20. Adios Pantalones

    Adios Pantalones Minister of Fire

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    I saw a study on tarp based wood dryers that showed they slowed wood drying. More air flow is generated by wind than the convective chimney, and the tarp chanels moist air around the stack as it rises from splits.

    I had a plan for a solar pre-heater- a black metal box to preheat the air a great deal and increase the chimney effect enough to make it dry quicker. Not sure it would work, but I did look into passive simple methods.
  21. chad3

    chad3 Feeling the Heat

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    I've got 3" oak that is in round form (would it be any different?) and it is still soaked. This stuff needs to be split or seasoned.
  22. Adios Pantalones

    Adios Pantalones Minister of Fire

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    Chad- I hear ya- splitting improves drying even for relatively small pieces because of the continuous rings and the bark, from what I've observed.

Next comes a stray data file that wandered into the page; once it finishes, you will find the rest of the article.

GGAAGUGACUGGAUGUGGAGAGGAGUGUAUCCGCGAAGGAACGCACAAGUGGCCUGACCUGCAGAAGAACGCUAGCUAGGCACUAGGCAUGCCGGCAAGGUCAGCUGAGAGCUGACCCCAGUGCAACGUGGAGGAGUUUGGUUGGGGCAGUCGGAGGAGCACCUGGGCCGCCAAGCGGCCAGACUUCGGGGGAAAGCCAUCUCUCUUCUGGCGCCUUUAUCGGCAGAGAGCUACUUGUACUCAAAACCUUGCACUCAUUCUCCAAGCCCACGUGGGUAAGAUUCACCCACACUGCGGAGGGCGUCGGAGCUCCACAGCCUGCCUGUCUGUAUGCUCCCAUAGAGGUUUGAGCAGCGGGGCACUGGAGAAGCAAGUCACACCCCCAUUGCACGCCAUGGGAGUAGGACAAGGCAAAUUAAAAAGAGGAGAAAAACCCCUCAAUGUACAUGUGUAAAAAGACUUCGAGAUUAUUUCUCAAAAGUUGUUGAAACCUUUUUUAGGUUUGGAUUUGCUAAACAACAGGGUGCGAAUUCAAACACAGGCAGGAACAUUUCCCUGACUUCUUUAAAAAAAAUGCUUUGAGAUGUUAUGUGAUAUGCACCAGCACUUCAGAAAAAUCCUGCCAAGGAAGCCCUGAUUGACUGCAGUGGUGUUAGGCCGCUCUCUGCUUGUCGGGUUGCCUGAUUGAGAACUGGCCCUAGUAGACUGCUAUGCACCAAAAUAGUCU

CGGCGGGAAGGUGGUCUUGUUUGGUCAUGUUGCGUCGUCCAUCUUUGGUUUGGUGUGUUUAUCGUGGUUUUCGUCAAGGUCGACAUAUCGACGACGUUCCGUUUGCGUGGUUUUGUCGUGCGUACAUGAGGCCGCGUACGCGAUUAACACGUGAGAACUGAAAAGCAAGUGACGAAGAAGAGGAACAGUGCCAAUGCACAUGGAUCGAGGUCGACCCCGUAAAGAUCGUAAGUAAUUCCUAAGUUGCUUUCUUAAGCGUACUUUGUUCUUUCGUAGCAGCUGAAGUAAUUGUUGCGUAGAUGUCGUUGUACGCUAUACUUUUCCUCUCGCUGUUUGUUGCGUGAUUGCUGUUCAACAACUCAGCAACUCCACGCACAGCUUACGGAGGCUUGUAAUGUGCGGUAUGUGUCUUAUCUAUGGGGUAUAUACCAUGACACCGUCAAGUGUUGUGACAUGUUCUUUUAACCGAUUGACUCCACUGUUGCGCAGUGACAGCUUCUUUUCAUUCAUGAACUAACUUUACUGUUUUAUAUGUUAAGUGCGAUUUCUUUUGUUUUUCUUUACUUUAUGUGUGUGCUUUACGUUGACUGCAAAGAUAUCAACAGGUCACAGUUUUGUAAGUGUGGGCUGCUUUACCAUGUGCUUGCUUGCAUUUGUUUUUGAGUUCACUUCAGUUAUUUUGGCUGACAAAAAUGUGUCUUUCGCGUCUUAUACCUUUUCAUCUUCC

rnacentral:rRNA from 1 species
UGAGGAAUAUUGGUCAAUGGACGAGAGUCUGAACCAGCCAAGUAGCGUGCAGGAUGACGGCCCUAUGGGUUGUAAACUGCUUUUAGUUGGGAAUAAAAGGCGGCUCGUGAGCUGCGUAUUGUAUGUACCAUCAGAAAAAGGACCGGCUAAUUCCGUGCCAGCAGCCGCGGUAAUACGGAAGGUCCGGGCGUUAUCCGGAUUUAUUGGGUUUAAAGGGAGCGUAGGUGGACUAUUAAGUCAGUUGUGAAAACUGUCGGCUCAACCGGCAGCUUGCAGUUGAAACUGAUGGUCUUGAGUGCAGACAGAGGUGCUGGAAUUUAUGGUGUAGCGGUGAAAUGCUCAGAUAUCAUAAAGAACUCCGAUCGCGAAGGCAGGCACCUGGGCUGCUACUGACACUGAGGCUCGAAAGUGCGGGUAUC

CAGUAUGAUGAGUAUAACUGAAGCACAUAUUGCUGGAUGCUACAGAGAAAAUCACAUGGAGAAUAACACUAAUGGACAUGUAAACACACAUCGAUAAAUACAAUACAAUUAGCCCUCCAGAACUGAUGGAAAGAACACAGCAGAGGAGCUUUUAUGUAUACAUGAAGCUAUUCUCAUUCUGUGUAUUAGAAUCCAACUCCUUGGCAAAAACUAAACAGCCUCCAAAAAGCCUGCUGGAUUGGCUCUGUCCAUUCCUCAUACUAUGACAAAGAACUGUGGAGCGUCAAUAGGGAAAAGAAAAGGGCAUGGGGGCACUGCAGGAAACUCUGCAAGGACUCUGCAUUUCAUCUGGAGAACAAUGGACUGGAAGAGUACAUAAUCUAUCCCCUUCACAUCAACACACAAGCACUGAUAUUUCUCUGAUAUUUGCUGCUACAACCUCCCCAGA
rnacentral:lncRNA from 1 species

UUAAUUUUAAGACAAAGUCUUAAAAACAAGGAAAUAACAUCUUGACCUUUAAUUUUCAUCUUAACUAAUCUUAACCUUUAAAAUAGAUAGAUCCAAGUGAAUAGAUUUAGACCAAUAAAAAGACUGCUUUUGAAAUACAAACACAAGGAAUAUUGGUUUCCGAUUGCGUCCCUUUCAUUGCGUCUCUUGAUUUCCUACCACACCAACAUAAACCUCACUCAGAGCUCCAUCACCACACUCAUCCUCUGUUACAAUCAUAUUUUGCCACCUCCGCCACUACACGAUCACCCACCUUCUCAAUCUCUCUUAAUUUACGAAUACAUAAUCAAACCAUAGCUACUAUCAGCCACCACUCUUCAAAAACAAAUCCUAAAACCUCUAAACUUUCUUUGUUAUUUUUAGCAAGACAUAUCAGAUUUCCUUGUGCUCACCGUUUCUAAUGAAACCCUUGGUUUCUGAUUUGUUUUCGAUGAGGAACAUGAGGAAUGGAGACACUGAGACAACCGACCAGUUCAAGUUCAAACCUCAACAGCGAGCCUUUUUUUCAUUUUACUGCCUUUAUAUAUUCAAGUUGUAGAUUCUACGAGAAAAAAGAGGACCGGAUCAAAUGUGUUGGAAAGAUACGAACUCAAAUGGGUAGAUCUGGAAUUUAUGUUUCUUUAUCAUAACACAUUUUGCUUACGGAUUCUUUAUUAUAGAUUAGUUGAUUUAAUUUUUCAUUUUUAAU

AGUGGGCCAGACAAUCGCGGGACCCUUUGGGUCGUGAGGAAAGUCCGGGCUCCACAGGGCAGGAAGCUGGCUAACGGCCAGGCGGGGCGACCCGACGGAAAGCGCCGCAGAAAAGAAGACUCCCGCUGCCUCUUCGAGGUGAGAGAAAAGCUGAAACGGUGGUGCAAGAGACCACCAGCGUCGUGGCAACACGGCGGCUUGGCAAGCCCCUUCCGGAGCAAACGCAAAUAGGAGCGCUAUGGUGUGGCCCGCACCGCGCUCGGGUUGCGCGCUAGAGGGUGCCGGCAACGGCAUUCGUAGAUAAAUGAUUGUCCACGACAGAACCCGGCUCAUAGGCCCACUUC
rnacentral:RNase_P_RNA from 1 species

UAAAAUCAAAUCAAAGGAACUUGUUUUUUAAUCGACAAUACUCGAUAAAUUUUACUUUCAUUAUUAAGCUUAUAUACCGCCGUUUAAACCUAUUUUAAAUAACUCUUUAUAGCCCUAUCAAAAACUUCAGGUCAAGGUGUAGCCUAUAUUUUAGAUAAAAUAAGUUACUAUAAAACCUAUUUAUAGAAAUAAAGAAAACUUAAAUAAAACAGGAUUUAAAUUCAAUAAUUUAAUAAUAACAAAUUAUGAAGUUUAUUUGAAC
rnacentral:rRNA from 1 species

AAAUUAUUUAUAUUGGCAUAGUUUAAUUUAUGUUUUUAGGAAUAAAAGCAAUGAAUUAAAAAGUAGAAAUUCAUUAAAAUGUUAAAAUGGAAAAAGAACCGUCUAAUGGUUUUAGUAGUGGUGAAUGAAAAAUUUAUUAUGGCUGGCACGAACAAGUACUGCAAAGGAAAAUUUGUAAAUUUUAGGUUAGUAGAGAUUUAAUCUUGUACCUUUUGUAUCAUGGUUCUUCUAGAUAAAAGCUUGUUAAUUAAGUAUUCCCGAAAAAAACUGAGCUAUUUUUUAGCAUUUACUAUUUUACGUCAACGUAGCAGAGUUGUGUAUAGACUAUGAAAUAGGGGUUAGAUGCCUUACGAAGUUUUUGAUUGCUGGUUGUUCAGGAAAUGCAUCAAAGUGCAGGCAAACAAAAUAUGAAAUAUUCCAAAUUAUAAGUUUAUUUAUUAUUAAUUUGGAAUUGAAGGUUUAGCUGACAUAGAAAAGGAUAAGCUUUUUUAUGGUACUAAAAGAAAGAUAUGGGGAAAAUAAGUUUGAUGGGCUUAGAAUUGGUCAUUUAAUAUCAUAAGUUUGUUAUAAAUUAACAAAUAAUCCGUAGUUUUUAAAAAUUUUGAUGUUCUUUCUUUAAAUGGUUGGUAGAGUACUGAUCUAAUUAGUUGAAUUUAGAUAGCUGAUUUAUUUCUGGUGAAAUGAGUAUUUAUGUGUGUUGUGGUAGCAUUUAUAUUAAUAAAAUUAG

23. Apprentice_GM

    Apprentice_GM Member

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    Dunebilly, I concur with AP - I disagree solar kilns dry wood faster from personal experience and only know of scientific studies dismissing solar kilns (solar kilns not worth the effort). There is a paper I found and read years ago, and have referenced previously on these forums, which you may find worth reading - US Department of Agriculture (Pacific Northwest Research Station) - Research Note PNW-RN-450 August 1986 titled “Drying Firewood in a Temporary Solar Kiln: A Case Study”
  24. Apprentice_GM

    Apprentice_GM Member